You can accuse When Mountains Speak of many things. Perhaps being a bit “out there” for the more mainstream audience, maybe their songs develop slowly for some. Others, perhaps the younger element with a short attention span, might suggest that their lengthy musical statements don’t grab the listener immediately (all positions I am more than happy to defend on the band’s behalf, by the way.) But the one thing that no one can accuse them of is of having a slow musical output.
Maybe the work rate is reflective of the band being a permanent three-piece outfit now rather than a solo project with a fluid flow of collaborators, but it seems that as the last notes of one release are just fading out, a new release is being ushered in. That said, this full-length album, Time Left Ajar, is the latest, a solo project by leading man Steven Wright Clarkson. Still, it is of the When Mountains Speak canon and a necessary part of their story, not to mention an essential addition to your record collection.
Even by When Mountains Speak standards, it is pretty challenging in places. The titular opening track and Rainbow Experiment owe more to free, improvised, fractured and noodling jazz-rock than anything more structured and purposeful. It’s a brave way to kick things off, for sure. If music, like all art, is about self-express rather than worrying about what the listener might make of the results, this is what’s happening here. And good on them for remembering how creativity works.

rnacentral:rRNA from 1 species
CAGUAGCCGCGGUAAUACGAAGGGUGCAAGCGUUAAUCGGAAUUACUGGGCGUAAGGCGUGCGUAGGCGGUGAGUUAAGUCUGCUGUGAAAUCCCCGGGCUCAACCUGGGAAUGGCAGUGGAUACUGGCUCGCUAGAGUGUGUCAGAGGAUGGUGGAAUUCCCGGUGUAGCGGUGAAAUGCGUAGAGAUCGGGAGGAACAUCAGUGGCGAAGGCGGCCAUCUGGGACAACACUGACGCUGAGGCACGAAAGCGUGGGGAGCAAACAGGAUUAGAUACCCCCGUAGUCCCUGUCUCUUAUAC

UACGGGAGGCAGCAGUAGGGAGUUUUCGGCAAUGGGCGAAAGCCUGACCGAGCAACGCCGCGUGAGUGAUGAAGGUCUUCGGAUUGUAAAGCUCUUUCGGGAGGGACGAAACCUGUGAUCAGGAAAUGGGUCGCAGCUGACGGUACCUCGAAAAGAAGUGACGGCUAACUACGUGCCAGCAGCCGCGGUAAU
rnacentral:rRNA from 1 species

The listener is then rewarded with Happy, a groovesome dance track…of sorts. It might be created using the same musical building blocks as before, but it shows that once mastered, they can be turned to any form or function of choice.
And so it goes. The album wanders between more tethered and song-like tracks and blasts of free-form expression. Circus is a strange and cyclical beast, built from sound spirals and disembodied musical motifs, recognisable elements and familiar sounds presented as an anagram and amalgam of what most people think music is. But music is a wild and varied creature, and it moves on by pushing at its own borders, by finding the potential in pastures new and if that casts When Mountains Speak in the role of sonic explorers, then I’m sure that it is a role they are more than happy to play.
And by contrast, songs such as Elephant Dance and Soul Surfing are mellifluous and multi-layered, smooth and sensual, as if to say, “see, we can play things straighter and more conventionally if we choose to. It’s just that we often prefer not to.”
The album is available from 22nd September on the band’s website, and as I said before, it may be Steven returning to the solo roots of the project, but it is an essential step in the When Mountains Speak story.
[…] the eclectic and un-second-guess-able (I’m sure that’s a word) When Mountains Speak can wander between music driven by a heavy rhythmic groove on the one hand and free-form […]